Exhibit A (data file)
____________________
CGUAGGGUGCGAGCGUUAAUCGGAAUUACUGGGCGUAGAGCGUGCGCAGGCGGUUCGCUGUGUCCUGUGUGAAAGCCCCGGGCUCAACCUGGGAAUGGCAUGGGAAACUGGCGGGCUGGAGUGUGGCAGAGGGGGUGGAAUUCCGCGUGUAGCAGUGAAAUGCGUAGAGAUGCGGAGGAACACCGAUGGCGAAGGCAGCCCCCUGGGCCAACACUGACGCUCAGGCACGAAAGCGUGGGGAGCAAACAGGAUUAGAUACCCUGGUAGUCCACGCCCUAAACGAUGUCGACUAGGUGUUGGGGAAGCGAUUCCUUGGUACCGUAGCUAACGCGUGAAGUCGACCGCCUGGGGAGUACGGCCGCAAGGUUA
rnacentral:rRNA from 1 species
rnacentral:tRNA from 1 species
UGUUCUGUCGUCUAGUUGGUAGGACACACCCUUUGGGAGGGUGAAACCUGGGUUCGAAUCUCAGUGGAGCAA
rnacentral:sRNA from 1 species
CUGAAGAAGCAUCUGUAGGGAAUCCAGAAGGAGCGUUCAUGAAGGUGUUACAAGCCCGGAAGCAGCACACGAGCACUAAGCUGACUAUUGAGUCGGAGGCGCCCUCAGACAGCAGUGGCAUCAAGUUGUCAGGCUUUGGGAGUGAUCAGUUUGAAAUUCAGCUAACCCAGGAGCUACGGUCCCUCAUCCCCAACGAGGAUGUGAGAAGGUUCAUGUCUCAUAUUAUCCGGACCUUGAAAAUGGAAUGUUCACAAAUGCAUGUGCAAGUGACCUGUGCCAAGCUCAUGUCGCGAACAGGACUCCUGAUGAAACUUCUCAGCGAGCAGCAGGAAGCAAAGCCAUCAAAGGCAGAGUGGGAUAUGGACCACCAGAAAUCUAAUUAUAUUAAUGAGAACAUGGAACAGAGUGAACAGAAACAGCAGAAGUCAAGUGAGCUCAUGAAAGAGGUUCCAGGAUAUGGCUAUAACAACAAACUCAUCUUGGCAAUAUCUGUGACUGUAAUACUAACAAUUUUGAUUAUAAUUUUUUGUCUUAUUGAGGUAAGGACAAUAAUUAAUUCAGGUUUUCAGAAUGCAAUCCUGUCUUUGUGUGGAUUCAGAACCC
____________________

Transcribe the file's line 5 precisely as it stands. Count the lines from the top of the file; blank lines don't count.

rnacentral:sRNA from 1 species